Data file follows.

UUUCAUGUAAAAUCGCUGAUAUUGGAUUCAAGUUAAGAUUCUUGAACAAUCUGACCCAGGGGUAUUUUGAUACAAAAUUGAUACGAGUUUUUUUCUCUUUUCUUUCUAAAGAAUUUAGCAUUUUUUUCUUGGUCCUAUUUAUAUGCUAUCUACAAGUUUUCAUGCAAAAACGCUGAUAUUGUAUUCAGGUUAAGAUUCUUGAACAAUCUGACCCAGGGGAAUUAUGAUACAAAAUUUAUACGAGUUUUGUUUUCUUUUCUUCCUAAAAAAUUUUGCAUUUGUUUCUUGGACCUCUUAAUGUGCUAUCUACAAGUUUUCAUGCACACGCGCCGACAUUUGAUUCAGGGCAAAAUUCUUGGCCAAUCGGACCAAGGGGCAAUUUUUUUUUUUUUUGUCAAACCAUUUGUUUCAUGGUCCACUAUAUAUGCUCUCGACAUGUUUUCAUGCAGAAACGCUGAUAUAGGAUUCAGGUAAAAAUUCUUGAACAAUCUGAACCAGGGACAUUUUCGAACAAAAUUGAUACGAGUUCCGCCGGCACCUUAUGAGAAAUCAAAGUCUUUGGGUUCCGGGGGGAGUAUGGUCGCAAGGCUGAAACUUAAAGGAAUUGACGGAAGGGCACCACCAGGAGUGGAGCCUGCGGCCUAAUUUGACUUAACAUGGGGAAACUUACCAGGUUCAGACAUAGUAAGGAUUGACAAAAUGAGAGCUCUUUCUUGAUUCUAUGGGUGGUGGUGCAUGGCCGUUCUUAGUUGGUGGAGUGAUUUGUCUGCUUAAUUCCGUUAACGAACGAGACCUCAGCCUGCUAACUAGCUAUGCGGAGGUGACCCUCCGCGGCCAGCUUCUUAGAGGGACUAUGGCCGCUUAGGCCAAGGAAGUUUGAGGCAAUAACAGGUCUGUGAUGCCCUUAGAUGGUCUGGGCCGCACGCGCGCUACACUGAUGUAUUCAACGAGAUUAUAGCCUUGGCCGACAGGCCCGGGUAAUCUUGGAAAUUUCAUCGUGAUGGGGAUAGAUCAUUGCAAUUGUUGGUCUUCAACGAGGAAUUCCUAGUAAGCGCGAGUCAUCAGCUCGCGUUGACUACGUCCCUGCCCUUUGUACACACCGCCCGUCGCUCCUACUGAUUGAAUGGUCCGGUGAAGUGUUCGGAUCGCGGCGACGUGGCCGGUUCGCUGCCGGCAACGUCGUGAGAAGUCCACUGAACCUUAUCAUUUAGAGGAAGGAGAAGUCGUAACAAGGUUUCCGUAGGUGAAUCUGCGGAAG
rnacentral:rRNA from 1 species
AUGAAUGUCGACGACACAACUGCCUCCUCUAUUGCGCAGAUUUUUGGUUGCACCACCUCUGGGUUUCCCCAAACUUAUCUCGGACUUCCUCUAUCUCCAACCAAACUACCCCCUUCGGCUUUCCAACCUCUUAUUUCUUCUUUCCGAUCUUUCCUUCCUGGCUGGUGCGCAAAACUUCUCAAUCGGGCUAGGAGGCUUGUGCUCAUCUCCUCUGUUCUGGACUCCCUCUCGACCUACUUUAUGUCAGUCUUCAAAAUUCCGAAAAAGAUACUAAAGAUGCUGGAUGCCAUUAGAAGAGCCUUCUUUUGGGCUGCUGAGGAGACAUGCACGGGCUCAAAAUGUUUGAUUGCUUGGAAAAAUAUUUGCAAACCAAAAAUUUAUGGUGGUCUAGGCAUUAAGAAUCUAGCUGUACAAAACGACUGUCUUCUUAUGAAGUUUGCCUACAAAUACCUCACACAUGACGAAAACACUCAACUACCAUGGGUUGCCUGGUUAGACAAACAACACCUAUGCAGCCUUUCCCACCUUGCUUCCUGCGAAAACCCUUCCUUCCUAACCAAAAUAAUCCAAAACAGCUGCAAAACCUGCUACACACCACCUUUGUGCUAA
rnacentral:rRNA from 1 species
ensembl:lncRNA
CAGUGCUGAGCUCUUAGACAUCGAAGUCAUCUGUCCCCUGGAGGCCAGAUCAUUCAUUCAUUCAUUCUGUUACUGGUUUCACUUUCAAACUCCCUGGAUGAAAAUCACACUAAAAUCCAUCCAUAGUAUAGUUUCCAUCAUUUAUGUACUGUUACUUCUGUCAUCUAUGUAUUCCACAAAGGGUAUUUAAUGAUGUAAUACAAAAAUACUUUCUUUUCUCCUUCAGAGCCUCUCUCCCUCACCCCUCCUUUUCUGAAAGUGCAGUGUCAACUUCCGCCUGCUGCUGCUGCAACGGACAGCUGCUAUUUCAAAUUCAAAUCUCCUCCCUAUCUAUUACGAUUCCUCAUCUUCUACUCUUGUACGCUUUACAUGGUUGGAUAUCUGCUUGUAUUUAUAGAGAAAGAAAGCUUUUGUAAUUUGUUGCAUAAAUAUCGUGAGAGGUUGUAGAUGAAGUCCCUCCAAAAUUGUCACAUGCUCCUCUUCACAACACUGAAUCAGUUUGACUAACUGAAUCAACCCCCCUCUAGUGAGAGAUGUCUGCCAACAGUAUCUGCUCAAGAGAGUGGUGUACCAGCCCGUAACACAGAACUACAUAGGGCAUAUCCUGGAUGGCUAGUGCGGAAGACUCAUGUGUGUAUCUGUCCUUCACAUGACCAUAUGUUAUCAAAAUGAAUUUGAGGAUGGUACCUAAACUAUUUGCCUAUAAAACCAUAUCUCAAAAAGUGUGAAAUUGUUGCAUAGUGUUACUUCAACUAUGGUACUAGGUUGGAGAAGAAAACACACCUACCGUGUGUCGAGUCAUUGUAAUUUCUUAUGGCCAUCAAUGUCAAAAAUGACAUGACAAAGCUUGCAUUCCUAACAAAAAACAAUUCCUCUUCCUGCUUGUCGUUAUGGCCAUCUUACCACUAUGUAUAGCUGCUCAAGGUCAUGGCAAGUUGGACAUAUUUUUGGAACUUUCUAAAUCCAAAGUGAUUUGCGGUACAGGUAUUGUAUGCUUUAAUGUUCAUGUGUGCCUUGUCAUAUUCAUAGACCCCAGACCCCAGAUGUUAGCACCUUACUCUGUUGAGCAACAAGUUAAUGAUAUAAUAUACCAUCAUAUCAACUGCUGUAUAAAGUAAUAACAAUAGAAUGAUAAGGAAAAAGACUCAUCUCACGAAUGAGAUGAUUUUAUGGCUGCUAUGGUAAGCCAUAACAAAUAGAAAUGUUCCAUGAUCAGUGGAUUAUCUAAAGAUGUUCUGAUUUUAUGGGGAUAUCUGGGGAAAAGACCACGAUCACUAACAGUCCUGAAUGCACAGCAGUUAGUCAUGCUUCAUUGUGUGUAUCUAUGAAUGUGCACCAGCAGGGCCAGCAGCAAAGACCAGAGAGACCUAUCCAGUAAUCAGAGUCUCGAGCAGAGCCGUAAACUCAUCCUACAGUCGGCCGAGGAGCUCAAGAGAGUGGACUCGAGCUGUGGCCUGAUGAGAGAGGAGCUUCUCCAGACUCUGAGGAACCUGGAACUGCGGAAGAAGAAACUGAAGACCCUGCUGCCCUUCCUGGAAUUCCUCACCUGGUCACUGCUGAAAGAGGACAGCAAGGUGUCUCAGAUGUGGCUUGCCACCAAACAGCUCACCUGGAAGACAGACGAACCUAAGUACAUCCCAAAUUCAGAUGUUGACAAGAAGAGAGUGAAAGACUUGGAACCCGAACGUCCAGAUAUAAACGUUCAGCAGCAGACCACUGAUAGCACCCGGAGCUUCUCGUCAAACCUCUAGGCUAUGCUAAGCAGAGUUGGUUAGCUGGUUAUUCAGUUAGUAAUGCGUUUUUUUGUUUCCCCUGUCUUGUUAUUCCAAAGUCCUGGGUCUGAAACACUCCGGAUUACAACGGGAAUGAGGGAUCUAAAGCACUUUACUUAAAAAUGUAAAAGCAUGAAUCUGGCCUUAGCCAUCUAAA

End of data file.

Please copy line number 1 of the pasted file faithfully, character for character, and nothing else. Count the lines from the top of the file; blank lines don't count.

UUUCAUGUAAAAUCGCUGAUAUUGGAUUCAAGUUAAGAUUCUUGAACAAUCUGACCCAGGGGUAUUUUGAUACAAAAUUGAUACGAGUUUUUUUCUCUUUUCUUUCUAAAGAAUUUAGCAUUUUUUUCUUGGUCCUAUUUAUAUGCUAUCUACAAGUUUUCAUGCAAAAACGCUGAUAUUGUAUUCAGGUUAAGAUUCUUGAACAAUCUGACCCAGGGGAAUUAUGAUACAAAAUUUAUACGAGUUUUGUUUUCUUUUCUUCCUAAAAAAUUUUGCAUUUGUUUCUUGGACCUCUUAAUGUGCUAUCUACAAGUUUUCAUGCACACGCGCCGACAUUUGAUUCAGGGCAAAAUUCUUGGCCAAUCGGACCAAGGGGCAAUUUUUUUUUUUUUUGUCAAACCAUUUGUUUCAUGGUCCACUAUAUAUGCUCUCGACAUGUUUUCAUGCAGAAACGCUGAUAUAGGAUUCAGGUAAAAAUUCUUGAACAAUCUGAACCAGGGACAUUUUCGAACAAAAUUGAUACGAGUUCCGCCGGCACCUUAUGAGAAAUCAAAGUCUUUGGGUUCCGGGGGGAGUAUGGUCGCAAGGCUGAAACUUAAAGGAAUUGACGGAAGGGCACCACCAGGAGUGGAGCCUGCGGCCUAAUUUGACUUAACAUGGGGAAACUUACCAGGUUCAGACAUAGUAAGGAUUGACAAAAUGAGAGCUCUUUCUUGAUUCUAUGGGUGGUGGUGCAUGGCCGUUCUUAGUUGGUGGAGUGAUUUGUCUGCUUAAUUCCGUUAACGAACGAGACCUCAGCCUGCUAACUAGCUAUGCGGAGGUGACCCUCCGCGGCCAGCUUCUUAGAGGGACUAUGGCCGCUUAGGCCAAGGAAGUUUGAGGCAAUAACAGGUCUGUGAUGCCCUUAGAUGGUCUGGGCCGCACGCGCGCUACACUGAUGUAUUCAACGAGAUUAUAGCCUUGGCCGACAGGCCCGGGUAAUCUUGGAAAUUUCAUCGUGAUGGGGAUAGAUCAUUGCAAUUGUUGGUCUUCAACGAGGAAUUCCUAGUAAGCGCGAGUCAUCAGCUCGCGUUGACUACGUCCCUGCCCUUUGUACACACCGCCCGUCGCUCCUACUGAUUGAAUGGUCCGGUGAAGUGUUCGGAUCGCGGCGACGUGGCCGGUUCGCUGCCGGCAACGUCGUGAGAAGUCCACUGAACCUUAUCAUUUAGAGGAAGGAGAAGUCGUAACAAGGUUUCCGUAGGUGAAUCUGCGGAAG